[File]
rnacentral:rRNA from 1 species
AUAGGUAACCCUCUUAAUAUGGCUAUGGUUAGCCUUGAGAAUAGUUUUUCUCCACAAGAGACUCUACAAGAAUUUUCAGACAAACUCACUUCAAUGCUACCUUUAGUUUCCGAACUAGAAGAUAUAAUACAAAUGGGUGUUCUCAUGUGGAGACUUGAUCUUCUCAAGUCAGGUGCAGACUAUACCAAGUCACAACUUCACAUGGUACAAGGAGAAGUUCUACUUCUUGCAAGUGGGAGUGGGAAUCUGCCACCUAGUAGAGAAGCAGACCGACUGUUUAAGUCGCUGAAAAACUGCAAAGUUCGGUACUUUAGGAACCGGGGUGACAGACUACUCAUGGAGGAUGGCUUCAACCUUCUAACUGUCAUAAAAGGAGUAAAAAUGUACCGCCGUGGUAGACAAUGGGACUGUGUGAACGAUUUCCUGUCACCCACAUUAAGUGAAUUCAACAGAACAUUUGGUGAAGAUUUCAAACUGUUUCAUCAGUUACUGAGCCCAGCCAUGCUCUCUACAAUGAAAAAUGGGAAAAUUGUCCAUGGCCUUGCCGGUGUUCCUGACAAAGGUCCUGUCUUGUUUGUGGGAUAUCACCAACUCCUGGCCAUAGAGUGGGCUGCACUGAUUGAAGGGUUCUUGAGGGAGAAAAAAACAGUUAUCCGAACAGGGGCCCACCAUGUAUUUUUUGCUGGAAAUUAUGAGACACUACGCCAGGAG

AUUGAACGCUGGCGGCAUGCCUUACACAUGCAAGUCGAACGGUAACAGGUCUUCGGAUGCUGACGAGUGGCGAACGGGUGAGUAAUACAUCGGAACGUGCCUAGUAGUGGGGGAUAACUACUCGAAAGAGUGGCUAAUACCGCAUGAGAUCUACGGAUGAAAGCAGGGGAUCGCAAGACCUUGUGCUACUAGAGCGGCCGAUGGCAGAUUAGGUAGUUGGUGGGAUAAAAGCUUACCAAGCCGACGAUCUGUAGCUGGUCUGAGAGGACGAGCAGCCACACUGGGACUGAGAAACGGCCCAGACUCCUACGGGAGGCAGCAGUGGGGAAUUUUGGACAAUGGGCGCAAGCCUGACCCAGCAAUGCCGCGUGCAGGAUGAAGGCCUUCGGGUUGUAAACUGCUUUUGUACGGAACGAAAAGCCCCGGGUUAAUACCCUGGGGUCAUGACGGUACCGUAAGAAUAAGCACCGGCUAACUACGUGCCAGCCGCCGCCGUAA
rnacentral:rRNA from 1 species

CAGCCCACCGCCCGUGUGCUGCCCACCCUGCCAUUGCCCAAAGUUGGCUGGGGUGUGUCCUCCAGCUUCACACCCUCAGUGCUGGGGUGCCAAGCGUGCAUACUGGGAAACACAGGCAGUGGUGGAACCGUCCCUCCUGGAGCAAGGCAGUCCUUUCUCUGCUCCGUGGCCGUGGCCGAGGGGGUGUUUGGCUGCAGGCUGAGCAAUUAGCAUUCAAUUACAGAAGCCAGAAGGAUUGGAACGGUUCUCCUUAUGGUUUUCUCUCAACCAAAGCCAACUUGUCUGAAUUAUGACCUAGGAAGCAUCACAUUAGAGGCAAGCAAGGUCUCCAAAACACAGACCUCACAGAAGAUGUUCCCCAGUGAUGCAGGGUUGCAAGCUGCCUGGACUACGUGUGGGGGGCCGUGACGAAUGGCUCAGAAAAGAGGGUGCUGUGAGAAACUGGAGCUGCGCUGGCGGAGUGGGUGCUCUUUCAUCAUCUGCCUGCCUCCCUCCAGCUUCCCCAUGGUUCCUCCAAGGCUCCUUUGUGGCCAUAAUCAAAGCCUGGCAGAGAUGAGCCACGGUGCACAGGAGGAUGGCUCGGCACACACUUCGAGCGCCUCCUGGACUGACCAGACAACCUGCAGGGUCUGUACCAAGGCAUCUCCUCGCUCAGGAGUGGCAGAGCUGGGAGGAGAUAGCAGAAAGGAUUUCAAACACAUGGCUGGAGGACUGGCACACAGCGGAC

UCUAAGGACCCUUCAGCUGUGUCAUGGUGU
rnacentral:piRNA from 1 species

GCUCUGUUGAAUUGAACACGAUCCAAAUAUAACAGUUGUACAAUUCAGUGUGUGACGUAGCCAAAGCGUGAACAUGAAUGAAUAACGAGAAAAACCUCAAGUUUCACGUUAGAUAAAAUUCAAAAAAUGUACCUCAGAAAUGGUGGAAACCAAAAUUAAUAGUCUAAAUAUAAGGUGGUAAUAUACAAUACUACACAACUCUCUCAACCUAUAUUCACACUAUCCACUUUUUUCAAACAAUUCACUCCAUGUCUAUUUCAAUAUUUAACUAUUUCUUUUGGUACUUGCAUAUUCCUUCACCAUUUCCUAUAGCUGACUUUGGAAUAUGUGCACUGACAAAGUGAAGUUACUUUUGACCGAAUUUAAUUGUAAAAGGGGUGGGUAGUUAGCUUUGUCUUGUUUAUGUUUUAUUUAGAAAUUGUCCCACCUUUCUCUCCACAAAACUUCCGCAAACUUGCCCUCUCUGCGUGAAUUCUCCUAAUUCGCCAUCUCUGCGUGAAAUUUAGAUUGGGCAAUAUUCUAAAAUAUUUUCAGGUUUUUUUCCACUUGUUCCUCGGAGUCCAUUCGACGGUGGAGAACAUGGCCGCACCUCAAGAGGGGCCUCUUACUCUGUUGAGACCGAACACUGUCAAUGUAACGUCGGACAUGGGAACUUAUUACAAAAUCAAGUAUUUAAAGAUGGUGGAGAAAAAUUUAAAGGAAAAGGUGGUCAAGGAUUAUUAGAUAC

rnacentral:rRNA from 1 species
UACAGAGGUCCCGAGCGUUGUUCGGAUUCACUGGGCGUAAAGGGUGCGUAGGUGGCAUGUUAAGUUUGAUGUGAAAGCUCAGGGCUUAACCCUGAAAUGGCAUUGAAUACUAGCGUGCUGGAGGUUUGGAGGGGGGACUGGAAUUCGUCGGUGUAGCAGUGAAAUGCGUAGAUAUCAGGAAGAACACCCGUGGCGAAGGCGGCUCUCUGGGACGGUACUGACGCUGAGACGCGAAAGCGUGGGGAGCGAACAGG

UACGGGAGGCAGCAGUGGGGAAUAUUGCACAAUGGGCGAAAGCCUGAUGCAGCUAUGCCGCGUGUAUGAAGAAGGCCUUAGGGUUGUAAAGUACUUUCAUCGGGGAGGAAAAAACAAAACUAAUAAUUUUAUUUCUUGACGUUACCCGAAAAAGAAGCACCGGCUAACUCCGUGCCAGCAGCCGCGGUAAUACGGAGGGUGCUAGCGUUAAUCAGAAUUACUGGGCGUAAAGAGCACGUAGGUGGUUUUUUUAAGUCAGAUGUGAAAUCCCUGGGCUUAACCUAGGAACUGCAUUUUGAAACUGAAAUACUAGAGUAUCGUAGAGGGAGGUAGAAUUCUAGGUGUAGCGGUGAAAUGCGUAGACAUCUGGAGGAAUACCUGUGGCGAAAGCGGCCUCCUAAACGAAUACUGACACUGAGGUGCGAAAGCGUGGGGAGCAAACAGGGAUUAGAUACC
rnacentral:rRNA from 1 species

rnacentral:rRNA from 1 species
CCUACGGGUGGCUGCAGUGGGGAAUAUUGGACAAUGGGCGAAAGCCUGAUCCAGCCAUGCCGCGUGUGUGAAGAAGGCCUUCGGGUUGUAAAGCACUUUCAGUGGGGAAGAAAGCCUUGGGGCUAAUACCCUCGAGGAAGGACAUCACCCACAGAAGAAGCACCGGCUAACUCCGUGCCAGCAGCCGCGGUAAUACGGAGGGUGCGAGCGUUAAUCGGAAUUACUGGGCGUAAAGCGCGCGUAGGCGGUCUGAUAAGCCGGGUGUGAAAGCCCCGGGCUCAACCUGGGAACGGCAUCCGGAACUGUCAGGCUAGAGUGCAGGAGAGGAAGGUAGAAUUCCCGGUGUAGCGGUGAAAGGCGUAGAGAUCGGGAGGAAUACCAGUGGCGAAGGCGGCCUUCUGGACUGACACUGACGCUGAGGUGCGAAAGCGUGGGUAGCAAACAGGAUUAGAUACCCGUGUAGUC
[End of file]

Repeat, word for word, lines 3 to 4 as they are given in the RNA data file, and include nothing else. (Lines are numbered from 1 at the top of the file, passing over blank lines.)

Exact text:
AUUGAACGCUGGCGGCAUGCCUUACACAUGCAAGUCGAACGGUAACAGGUCUUCGGAUGCUGACGAGUGGCGAACGGGUGAGUAAUACAUCGGAACGUGCCUAGUAGUGGGGGAUAACUACUCGAAAGAGUGGCUAAUACCGCAUGAGAUCUACGGAUGAAAGCAGGGGAUCGCAAGACCUUGUGCUACUAGAGCGGCCGAUGGCAGAUUAGGUAGUUGGUGGGAUAAAAGCUUACCAAGCCGACGAUCUGUAGCUGGUCUGAGAGGACGAGCAGCCACACUGGGACUGAGAAACGGCCCAGACUCCUACGGGAGGCAGCAGUGGGGAAUUUUGGACAAUGGGCGCAAGCCUGACCCAGCAAUGCCGCGUGCAGGAUGAAGGCCUUCGGGUUGUAAACUGCUUUUGUACGGAACGAAAAGCCCCGGGUUAAUACCCUGGGGUCAUGACGGUACCGUAAGAAUAAGCACCGGCUAACUACGUGCCAGCCGCCGCCGUAA
rnacentral:rRNA from 1 species